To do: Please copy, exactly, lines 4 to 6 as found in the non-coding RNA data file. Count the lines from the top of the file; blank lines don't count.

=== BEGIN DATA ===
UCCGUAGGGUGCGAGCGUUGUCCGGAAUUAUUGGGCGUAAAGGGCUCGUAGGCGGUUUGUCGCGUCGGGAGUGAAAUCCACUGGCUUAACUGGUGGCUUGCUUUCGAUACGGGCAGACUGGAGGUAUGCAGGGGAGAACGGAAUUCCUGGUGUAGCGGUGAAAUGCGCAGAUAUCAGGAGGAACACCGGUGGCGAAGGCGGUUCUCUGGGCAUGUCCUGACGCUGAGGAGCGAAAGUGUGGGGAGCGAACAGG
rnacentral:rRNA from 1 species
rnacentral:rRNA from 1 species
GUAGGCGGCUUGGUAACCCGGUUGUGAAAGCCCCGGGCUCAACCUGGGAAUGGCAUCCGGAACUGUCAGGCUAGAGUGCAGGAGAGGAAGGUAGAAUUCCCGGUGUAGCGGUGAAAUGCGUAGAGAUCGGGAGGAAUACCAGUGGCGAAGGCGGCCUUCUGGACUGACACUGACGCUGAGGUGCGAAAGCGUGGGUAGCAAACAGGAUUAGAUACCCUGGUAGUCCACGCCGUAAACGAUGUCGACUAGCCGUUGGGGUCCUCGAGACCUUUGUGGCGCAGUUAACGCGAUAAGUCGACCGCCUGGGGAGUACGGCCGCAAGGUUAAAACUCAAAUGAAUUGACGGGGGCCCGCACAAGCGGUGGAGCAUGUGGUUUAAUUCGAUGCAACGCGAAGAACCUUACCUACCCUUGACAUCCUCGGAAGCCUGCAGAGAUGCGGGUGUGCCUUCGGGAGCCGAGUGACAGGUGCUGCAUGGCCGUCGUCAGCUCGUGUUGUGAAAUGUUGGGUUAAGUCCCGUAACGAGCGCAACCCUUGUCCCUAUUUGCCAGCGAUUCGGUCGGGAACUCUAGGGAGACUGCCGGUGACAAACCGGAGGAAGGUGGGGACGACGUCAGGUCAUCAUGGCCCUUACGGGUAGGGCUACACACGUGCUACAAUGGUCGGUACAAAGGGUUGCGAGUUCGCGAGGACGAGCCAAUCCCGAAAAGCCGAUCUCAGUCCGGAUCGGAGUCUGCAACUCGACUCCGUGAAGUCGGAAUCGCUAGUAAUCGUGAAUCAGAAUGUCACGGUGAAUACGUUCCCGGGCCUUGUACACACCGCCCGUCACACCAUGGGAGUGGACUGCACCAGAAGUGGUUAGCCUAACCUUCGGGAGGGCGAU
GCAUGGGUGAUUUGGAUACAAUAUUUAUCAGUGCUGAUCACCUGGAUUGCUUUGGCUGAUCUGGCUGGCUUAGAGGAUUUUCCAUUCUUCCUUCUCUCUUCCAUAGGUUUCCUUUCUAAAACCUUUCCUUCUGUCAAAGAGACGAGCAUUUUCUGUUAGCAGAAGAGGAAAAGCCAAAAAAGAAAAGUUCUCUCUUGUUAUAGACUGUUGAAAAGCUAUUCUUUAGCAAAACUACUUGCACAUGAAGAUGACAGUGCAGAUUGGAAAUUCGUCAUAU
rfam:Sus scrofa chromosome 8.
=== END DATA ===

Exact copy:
GUAGGCGGCUUGGUAACCCGGUUGUGAAAGCCCCGGGCUCAACCUGGGAAUGGCAUCCGGAACUGUCAGGCUAGAGUGCAGGAGAGGAAGGUAGAAUUCCCGGUGUAGCGGUGAAAUGCGUAGAGAUCGGGAGGAAUACCAGUGGCGAAGGCGGCCUUCUGGACUGACACUGACGCUGAGGUGCGAAAGCGUGGGUAGCAAACAGGAUUAGAUACCCUGGUAGUCCACGCCGUAAACGAUGUCGACUAGCCGUUGGGGUCCUCGAGACCUUUGUGGCGCAGUUAACGCGAUAAGUCGACCGCCUGGGGAGUACGGCCGCAAGGUUAAAACUCAAAUGAAUUGACGGGGGCCCGCACAAGCGGUGGAGCAUGUGGUUUAAUUCGAUGCAACGCGAAGAACCUUACCUACCCUUGACAUCCUCGGAAGCCUGCAGAGAUGCGGGUGUGCCUUCGGGAGCCGAGUGACAGGUGCUGCAUGGCCGUCGUCAGCUCGUGUUGUGAAAUGUUGGGUUAAGUCCCGUAACGAGCGCAACCCUUGUCCCUAUUUGCCAGCGAUUCGGUCGGGAACUCUAGGGAGACUGCCGGUGACAAACCGGAGGAAGGUGGGGACGACGUCAGGUCAUCAUGGCCCUUACGGGUAGGGCUACACACGUGCUACAAUGGUCGGUACAAAGGGUUGCGAGUUCGCGAGGACGAGCCAAUCCCGAAAAGCCGAUCUCAGUCCGGAUCGGAGUCUGCAACUCGACUCCGUGAAGUCGGAAUCGCUAGUAAUCGUGAAUCAGAAUGUCACGGUGAAUACGUUCCCGGGCCUUGUACACACCGCCCGUCACACCAUGGGAGUGGACUGCACCAGAAGUGGUUAGCCUAACCUUCGGGAGGGCGAU
GCAUGGGUGAUUUGGAUACAAUAUUUAUCAGUGCUGAUCACCUGGAUUGCUUUGGCUGAUCUGGCUGGCUUAGAGGAUUUUCCAUUCUUCCUUCUCUCUUCCAUAGGUUUCCUUUCUAAAACCUUUCCUUCUGUCAAAGAGACGAGCAUUUUCUGUUAGCAGAAGAGGAAAAGCCAAAAAAGAAAAGUUCUCUCUUGUUAUAGACUGUUGAAAAGCUAUUCUUUAGCAAAACUACUUGCACAUGAAGAUGACAGUGCAGAUUGGAAAUUCGUCAUAU
rfam:Sus scrofa chromosome 8.